Weather, which occurs in the troposphere, the innermost layer of Earth’s atmosphere, also impacts GNSS signals as they travel from satellites in space to receivers. Temperature, humidity, and pressure can affect the speed of light and radio signals much like the charged particles of the ionosphere, leading to even more delays and distortion in GNSS calculations. However, because weather is highly localized, tropospheric errors must be modeled and corrected from a relatively close distance to achieve the level of accuracy needed for precise positioning.

5. Group delay (code bias)

Different countries and organizations around the world operate GNSS satellites. While they are generally aligned, minor discrepancies in time references and frequencies exist that can impact the accuracy of GNSS positioning. This is known as group delay or code bias and must also be corrected to ensure that signals are interpreted correctly.

Types of GNSS corrections

Understanding the origin of errors is critical when selecting the optimal GNSS signal correction method for a particular product or application. Each method has advantages and disadvantages ranging in importance depending on the application of GNSS positioning.
Real-time kinematic positioning (RTK) correction is widely regarded as the best method for achieving precise GNSS signal correction. It requires setting up a base station with a GNSS receiver at a very well surveyed location near the target area (usually within 30-50 kilometers), which transmits corrections to the end user’s GNSS receiver (called the rover). The proximity between the base station and the rover mitigates the impacts of signal errors. Any signal disparities that do exist can be analyzed to measure positional differences between the base and the rover, enabling the latter to calculate its position very precisely.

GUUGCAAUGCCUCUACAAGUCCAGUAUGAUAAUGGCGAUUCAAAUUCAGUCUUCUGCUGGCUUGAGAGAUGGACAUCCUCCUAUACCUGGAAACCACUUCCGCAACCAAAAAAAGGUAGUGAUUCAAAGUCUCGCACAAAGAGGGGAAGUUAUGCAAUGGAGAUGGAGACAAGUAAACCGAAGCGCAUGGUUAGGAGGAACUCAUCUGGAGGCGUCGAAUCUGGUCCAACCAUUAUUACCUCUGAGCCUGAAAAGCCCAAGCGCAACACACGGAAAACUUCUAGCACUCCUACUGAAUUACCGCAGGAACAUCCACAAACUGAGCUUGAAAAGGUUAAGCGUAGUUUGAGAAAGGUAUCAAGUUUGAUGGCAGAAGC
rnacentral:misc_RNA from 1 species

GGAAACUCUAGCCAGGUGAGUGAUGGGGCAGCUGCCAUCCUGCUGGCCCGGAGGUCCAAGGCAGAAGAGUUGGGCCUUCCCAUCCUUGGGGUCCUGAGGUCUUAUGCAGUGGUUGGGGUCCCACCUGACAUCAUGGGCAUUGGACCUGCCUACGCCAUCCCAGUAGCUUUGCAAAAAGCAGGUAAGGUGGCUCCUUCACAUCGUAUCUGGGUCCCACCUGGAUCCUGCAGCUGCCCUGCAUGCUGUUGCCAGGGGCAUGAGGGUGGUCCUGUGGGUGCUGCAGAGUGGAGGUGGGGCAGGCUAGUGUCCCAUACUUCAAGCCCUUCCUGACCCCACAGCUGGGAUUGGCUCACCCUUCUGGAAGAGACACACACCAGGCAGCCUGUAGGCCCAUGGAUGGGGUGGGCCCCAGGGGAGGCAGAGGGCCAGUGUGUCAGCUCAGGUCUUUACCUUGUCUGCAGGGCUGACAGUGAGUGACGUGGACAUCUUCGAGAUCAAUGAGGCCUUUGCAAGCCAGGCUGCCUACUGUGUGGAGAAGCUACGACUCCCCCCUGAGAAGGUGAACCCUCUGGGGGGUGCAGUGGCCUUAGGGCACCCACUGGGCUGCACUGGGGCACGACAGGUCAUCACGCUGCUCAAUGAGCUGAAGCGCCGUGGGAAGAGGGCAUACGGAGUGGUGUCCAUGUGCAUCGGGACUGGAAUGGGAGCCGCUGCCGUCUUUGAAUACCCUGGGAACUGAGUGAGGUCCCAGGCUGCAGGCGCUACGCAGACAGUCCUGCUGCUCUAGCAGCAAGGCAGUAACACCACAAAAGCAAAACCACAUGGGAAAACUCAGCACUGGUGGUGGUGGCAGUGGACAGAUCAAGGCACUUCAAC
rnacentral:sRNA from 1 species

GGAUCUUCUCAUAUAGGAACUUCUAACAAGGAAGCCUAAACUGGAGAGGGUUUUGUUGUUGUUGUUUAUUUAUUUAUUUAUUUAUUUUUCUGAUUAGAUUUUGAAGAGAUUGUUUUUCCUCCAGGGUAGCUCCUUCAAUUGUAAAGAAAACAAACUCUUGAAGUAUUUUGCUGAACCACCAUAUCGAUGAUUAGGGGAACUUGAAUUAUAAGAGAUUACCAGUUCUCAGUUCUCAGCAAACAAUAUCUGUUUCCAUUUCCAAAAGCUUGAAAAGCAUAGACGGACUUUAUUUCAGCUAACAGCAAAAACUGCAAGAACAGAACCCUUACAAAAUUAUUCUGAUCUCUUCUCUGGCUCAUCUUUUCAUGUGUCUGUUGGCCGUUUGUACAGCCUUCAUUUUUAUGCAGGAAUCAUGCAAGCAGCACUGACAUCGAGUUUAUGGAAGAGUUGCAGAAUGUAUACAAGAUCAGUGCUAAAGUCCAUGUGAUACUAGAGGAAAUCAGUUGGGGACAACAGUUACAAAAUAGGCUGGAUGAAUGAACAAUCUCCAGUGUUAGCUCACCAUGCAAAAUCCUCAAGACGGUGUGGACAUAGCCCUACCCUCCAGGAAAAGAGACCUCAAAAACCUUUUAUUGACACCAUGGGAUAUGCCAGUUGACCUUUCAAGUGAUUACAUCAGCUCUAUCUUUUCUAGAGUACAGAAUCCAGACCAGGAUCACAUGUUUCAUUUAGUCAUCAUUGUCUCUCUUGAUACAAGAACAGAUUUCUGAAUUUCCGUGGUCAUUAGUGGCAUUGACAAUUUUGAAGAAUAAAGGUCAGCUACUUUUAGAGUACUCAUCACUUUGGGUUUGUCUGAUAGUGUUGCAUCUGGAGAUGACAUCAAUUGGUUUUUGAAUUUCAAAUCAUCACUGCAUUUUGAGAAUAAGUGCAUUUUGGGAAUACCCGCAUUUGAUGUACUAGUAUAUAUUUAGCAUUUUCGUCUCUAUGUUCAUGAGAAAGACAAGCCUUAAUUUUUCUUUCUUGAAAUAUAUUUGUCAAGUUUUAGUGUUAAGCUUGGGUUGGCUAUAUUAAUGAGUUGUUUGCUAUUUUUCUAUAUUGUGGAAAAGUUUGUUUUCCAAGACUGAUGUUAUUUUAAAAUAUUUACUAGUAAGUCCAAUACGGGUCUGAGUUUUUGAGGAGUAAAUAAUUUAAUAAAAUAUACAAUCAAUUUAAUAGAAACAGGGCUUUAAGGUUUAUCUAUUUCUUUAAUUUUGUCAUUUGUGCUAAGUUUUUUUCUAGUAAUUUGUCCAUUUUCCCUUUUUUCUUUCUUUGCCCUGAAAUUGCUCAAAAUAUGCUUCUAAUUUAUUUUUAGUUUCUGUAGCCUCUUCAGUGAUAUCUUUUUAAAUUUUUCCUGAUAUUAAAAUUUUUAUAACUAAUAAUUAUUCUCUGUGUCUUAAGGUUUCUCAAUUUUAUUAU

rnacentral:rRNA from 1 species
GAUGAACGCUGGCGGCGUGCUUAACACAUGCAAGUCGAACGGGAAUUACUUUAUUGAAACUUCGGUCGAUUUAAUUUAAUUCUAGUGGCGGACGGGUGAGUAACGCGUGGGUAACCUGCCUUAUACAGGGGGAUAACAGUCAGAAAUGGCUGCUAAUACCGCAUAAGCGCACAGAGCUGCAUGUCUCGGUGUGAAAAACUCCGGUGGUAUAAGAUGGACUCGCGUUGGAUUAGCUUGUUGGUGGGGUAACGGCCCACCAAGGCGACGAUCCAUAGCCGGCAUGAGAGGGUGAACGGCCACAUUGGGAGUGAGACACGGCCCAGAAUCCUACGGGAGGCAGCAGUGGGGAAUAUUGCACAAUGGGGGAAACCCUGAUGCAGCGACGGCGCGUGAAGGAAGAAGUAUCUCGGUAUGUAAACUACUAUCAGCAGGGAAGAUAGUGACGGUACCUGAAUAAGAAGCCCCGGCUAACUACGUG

Real-time kinematic positioning (RTK) yields efficient and highly precise GNSS corrections but requires an extensive network of base stations to support receivers across a large geographic area. (Image: Point One Navigation)

Real-time kinematic positioning (RTK) yields efficient and highly precise GNSS corrections but requires an extensive network
of base stations to support receivers across a large geographic area. (Image: Point One Navigation)

However, classical RTK solutions have a notable limitation: to achieve corrections over wide areas they require an extensive infrastructure of base stations, which can significantly escalate costs.

Therefore, RTK is best for autonomous vehicles and consumer navigation and sub-optimal for positioning applications in remote areas.

Precise point positioning (PPP) utilizes a limited number of highly precise and accurate stations to correct GNSS signals. The PPP algorithm divides the responsibility for correction between these stations and GNSS receivers. As a first step, the PPP stations model various known sources of error within GNSS, such as ephemeris inaccuracies, clock discrepancies, and group delay. They then transmit this information to GNSS receivers to conduct further calculations based on local conditions and refine the error estimation. By combining the accumulated signal data with the known error sources provided by the PPP stations, GNSS receivers gauge both global and localized errors (including ionospheric and tropospheric effects), ultimately calculating the necessary signal corrections for accurate positioning.